WhatNot Offers Black Friday Prize of Free Trip to Space

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Live shopping and auction platform Whatnot took home the coveted dot.LA Startup of the Year, so clearly the company was destined for greatness. So it’s perhaps unsurprising that the company has announced a massive Black Friday shopping event this year with a truly one-of-a-kind grand prize. (And note that we’re not using the cliche “out of this world” to describe the prize, because puns are beneath us as an organization.)

That’s right: through November 28, Whatnot shoppers can enter for a chance to win an actual flight to outer space on Blue Origin’s New Shepard rocket. (Blue Origin, of course, is the aerospace manufacturer and spaceflight services company founded by Amazon mastermind Jeff Bezos in 2000.) Of course, the lucky winner will have to undergo a number of qualification screenings, and agree to strict flight standards, before they can formally claim the prize. It is space, after all.

The Federal Aviation Administration (FAA) approved Blue Origin to ferry humans into the cosmos via its New Shepard system just last year, immediately prior to Bezos’ maiden voyage on July 20, 2021. The CEO and his fellow astronauts – which included his brother Mark , 82-year-old aviation pioneer Wally Funk, and 18-year-old student Oliver Daemen (though not, unfortunately, Pete Davidson)– trained together for just 14 hours prior to their space voyage in the two days prior to launch.

The training itself consists of classroom instruction, some live demonstrations, and then a few practice runs in a specialized training capsule. At the end, astronauts go through a few different timed simulations – basically recreating how they’ll enter, exit, and move about the capsule while in space – and take a final exam. The New Shepard itself is fully automated and controlled by the flight crew on the ground, so the on-board astronauts don’t need to learn how to actually operate it in any way. They can just sit back and enjoy the flight.

There are a few physical requirements that the FAA and Blue Origin will also need winners to meet. Perhaps most significantly, astronauts experience around 5.5 Gs of pressure for a few seconds during their final descent into Earth’s atmosphere, which can take a significant physical toll on the human body. As well, they have to be able to climb the launch tower – the equivalent of about seven flights of stairs – in 90 seconds, and they have to be able to easily navigate uneven surfaces, such as ramps or decks with steps. Remaining strapped to a set for between 40 and 90 minutes without having to get up, move around, and use the restroom is also essential, for obvious reasons. Plus Blue Origin passengers have to be able to fasten and unfasten their own safety harness in under 15 seconds, which the company compares to fastening a seatbelt in an unfamiliar car in the dark. Finally, all participants have to be able to hear and understand instructions in English.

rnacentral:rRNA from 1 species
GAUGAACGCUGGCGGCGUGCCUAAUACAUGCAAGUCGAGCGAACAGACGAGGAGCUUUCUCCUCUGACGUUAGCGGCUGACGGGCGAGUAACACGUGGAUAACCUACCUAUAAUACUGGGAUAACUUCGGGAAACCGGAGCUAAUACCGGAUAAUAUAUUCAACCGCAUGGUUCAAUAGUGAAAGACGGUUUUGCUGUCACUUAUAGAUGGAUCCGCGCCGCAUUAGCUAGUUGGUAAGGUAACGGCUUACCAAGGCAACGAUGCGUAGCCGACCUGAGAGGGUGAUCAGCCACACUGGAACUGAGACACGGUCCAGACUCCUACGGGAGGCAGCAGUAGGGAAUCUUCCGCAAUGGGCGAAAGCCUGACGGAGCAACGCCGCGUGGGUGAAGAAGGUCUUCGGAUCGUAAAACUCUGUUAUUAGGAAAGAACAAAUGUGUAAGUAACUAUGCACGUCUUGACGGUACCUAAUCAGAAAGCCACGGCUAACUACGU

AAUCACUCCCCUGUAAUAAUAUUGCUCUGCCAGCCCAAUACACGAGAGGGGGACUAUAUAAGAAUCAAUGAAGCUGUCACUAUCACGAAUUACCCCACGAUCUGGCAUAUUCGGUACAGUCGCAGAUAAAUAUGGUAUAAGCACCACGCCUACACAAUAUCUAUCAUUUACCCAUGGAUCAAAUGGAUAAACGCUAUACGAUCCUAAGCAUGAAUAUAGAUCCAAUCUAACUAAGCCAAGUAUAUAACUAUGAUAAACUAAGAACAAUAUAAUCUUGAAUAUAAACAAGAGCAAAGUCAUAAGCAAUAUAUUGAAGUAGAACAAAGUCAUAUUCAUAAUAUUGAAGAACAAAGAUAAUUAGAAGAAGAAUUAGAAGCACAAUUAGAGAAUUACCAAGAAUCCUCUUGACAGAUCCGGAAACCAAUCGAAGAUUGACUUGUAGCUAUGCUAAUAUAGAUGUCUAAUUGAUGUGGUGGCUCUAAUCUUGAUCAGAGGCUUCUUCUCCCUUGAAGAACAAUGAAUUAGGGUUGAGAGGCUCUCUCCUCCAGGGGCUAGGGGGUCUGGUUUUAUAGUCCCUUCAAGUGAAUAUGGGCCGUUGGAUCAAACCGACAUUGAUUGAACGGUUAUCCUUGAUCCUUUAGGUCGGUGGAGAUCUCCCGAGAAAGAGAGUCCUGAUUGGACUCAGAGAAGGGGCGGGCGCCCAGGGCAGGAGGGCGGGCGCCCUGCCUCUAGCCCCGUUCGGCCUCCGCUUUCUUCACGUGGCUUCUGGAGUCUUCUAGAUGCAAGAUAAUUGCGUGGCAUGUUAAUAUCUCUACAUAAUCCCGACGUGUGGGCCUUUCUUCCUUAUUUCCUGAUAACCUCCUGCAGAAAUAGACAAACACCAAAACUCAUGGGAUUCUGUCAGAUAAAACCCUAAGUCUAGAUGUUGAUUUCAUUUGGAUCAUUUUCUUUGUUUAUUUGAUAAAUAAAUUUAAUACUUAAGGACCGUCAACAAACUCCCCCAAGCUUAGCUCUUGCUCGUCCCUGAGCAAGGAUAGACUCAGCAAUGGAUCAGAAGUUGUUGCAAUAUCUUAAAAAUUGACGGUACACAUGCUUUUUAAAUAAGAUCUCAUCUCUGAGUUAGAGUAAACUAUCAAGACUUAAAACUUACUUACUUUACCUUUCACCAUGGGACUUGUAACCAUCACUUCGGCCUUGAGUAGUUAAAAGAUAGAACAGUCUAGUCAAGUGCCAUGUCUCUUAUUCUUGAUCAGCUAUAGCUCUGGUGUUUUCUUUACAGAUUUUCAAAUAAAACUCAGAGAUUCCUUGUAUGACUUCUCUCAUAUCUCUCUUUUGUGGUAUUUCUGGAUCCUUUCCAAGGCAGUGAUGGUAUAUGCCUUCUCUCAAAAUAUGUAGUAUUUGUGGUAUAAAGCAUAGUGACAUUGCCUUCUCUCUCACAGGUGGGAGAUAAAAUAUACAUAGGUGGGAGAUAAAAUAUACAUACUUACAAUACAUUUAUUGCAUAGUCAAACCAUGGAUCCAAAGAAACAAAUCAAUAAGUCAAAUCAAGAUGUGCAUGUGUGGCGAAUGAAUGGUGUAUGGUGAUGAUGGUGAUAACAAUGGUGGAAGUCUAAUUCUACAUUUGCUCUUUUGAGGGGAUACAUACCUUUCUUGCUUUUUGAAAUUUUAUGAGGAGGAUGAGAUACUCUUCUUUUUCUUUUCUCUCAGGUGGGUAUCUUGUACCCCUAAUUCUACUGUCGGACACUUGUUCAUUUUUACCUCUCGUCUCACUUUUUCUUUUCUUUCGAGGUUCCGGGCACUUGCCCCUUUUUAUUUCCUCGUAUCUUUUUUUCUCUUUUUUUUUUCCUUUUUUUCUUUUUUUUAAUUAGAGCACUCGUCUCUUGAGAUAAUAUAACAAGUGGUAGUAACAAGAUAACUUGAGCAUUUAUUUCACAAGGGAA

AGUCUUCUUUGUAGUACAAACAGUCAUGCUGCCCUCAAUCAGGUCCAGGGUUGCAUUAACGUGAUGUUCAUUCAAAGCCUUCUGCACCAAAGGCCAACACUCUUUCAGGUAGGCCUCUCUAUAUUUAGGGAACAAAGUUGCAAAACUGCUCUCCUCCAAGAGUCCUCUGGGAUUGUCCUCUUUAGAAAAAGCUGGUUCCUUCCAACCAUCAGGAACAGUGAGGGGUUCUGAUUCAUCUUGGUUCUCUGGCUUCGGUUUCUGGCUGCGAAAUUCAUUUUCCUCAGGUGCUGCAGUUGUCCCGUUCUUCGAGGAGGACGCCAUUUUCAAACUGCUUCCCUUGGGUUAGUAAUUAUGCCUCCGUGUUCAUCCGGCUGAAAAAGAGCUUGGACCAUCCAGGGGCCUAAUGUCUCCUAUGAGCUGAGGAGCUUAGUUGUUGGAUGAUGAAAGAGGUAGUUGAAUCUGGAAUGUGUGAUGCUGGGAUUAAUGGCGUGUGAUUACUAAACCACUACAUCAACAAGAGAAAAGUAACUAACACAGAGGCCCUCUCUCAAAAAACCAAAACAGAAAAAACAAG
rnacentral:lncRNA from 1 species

It’s a far cry from the era of films like “The Right Stuff,” “Space Camp,” and even “Armageddon,” which depicted preparations for outer space travel as both physically taxing and significantly time-consuming. “Armageddon,” specifically, makes a major plot point of the drilling team getting just two weeks – not nearly enough time! – to complete training before departing Earth bound for an incoming asteroid. Still, if commercial space travel and space tourism are ever going to take off as viable industries, cutting down on prep time is essential. A lot of people might want to experience the wonder of orbiting the Earth, but can’t necessarily take 3 months off of work to completely familiarize themselves with the sensation of weightlessness.

For those Whatnot shoppers who aren’t lucky enough to land the Full Bezos and touch the heavens, a number of other prizes are also on offer. This week’s runner-up giveaways include crystalized Pikachu figures created by artist Daniel Arsham; a “Cosmos” bag from Birkin valued at $20,000; Nike Air Mags as featured in the film “Back to the Future”; and a set of Michael Jordan collectibles taken from the set of 1993’s “Space Jam,” collectively valued at around $10,000.

The promotion caps off a big year for Whatnot, which now ranks as the largest independent live shopping platform in the US. In July, the company closed a $260 million Series D funding round led by DST Global and Alphabet’s independent growth fund, CapitalG, bringing their overall value to around $3.7 billion. The company offers a live auction platform and specializes in collectibles, from sneakers to trading cards and memorabilia to rare toys. The new investment will help them expand into more collectible categories, including diecast cars, stamps, and action figures.

And hopefully one day, cowboy hats, in case Bezos needs to stock up.— Lon Harris

What We’re Reading…

–Hyperion Motors plans to launch mobile refueling stations nationwide capable of powering both hydrogen fuel cell EVs and battery EVs.

–LA-based decentralized identity startup Carv raised $4 million in a new funding round led by early-stage VC firm Vertex.

–NBA champions the Golden State Warriors have been named as defendants in a class-action lawsuit brought by an FTX customer; the Warriors named FTX the team’s official crypto platform last year.

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